Just anti-Thoughtbois (thanks to Ryan Dawidjan and his friends for coining that amazing term) who think these will replace IRL when I hear talk about how we’ll all just go online. How we’ll rove around virtual events and they’ll be a real replacement for in-person events. How bars and restaurants are dead.

I don’t believe it for a second. When you think about it, most nightlife is already pretty miserable, rarely worth the bar tab and hangovers.

On the surface, staying home, jumping on a zoom call with close friends, should have been winning a long time ago.

But it’s not, we were out on some gut level on the hope of finding our life’s defining inciting incidents. Because humans have a desire to create stories, the unknown is an important participant in our social lives.

Silicon Valley: Logic vs. Emotion

I was reading this great write-up by Eugene Wei about Status-as-a-Service — basically an overview of how various social networks like twitter incentivize you to engage and share based on social capital, small boosts to your ego, likes, streaks and more. It’s worth a read, but I thought this paragraph on Google’s inability to create a social network with Google+ was particularly insightful for this discussion though.

Google is often spoken of as a company where software engineers have the most power. Engineers, in my experience, are driven by logic, and status-centered products are distasteful or mysterious to them, often both.

I think that sometimes silicon valley has trouble understanding this sense of hope and possibility of what “could” happen — perhaps because we were never the most popular kids in the class. Products that are based on status, emotion, excitement, drama, social capital, external validation, popularity have emotional drivers at their core, and can be hard to nail with logical explanations, but one way of thinking about it is that . . .

Stories Have A Deceivingly High Expected Return

One way to think about this with an engineer’s mindset is that we just have our expected return payoff all wrong.

Go Out = F(Chances of Amazing Night X Emotional Payoff of Amazing of Night)

It doesn’t make sense why we dress up, go to a party, pay for all those drinks, get that hangover for what on average is an underwhelming, uncomfortable and unremarkable night 99 out of every 100 times. I believe we’re either . . .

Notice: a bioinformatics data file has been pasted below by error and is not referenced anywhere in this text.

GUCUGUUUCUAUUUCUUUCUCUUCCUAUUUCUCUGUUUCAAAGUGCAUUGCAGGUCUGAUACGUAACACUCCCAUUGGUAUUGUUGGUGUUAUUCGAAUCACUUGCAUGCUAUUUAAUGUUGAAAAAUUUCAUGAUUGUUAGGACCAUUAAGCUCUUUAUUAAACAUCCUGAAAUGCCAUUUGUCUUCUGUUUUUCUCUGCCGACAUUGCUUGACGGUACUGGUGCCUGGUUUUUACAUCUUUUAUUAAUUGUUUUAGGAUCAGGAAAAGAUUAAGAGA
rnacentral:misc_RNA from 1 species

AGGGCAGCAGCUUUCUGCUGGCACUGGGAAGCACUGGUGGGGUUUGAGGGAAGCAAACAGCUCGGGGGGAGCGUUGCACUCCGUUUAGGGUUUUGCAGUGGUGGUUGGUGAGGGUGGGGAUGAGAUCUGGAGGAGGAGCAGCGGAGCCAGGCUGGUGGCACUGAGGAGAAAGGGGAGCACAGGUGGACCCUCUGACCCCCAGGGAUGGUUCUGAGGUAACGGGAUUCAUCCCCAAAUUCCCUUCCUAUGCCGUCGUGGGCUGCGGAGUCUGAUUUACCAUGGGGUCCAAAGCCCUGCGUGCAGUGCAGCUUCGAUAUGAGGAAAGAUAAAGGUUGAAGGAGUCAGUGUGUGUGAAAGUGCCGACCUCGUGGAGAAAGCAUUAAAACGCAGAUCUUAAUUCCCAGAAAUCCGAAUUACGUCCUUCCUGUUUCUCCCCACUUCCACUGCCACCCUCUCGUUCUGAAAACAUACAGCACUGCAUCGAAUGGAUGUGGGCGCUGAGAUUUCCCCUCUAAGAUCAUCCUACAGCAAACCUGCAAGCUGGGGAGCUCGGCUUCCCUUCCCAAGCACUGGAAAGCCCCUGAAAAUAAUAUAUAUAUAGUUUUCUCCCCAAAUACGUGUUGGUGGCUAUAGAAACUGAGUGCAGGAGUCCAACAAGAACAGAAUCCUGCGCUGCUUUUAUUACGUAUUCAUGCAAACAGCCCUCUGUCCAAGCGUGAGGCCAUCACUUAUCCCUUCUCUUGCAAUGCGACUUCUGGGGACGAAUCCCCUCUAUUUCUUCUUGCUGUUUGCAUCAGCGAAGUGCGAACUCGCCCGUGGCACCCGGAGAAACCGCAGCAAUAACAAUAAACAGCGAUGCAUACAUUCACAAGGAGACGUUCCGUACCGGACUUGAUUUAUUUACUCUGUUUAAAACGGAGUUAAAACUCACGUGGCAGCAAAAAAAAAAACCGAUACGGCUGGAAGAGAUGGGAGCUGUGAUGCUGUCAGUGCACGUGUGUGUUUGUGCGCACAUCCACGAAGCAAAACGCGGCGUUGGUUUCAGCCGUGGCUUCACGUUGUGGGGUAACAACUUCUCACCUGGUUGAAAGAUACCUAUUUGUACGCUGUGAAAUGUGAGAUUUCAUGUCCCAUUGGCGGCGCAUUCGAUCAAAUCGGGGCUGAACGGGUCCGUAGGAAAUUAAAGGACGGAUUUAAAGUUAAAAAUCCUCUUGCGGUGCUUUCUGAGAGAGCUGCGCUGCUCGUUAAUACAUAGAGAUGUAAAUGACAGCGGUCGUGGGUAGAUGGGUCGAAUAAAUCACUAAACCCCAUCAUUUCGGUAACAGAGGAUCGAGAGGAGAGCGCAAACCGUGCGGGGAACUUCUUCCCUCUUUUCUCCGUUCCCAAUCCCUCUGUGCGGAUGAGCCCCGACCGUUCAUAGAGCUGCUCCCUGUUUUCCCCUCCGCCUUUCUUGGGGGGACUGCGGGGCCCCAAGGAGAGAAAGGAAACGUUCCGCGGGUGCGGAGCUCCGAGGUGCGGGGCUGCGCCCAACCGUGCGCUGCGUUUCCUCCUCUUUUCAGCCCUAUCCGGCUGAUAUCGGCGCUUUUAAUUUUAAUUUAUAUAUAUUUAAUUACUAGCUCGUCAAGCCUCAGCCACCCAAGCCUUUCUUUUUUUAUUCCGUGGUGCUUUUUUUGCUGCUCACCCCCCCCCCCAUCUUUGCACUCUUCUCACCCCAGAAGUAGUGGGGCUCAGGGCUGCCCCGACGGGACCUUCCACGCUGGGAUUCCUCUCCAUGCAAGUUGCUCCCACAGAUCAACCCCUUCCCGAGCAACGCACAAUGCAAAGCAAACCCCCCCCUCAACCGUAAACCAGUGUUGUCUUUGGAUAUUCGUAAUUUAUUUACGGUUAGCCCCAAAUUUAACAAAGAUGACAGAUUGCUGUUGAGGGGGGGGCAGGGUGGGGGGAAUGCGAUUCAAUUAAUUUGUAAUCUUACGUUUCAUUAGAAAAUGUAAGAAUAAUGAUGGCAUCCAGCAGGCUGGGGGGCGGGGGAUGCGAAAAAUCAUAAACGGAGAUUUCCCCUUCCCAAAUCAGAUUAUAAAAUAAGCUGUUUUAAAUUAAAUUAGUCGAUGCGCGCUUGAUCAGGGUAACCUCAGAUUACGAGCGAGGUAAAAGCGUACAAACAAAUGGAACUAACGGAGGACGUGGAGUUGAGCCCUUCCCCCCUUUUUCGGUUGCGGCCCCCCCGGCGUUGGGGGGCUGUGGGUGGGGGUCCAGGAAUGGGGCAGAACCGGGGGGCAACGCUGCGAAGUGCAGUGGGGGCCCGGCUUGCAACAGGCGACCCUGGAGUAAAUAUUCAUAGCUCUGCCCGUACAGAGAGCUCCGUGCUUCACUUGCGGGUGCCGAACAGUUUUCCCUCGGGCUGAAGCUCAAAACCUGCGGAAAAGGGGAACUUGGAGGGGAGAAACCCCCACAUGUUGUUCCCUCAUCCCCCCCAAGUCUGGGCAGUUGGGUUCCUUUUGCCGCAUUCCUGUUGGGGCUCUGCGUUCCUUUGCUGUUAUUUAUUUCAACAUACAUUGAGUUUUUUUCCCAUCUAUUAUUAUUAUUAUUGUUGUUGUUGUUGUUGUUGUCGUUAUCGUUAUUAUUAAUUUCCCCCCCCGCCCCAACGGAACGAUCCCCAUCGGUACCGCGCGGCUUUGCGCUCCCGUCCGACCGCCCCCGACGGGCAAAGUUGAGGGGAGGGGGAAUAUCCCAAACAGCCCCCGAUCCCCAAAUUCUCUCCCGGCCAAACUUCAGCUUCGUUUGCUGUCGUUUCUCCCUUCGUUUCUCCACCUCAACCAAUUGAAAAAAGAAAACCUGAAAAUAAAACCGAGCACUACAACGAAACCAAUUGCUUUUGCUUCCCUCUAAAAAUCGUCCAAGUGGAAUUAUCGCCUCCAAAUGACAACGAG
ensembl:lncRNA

1) Underestimating the emotional payoff that even the 99 underwhelming experiences give us. Perhaps the mediocre conversation, a quick 10 minute catchup with a friend, or even just the process of “getting ready” and “having something to look forward to” has a bigger effect on our emotional well being than we realized. i.e. there might be a low chance of an amazing night but a 50% chance of a mediocre night and the mediocre night actually isn’t as bad as we think it is on the surface.

2) That 1 remarkable night is so key to our lives, it creates the stories we tell our friends, our children, that serve as the fodder for so many other conversations, our self-esteem and self-image and confidence, that it’s truly worth it, even if it happens so rarely.

Evolution & Mutation

I don’t think we’ll move everything online, but if we did I think we’d also miss out on a key part of our own self-growth. The thing that caused Evan and Seth to learn about themselves was unknown variables being introduced into their lives — it’s like Evolution — you only evolve when you introduce a mutation.

I feel like many VCs and Entrepreneurs can’t grasp something that if it was a product would have a ridiculously low NPS rate, is such a core part of what we desire as humans to drive a behaviors that might not “make sense.”

But it’s because they misunderstand the product — the product isn’t going out, it isn’t the in-person interactions, the product is the possibility, of inciting incidents that create stories.


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Founder & CEO of Maxwell Social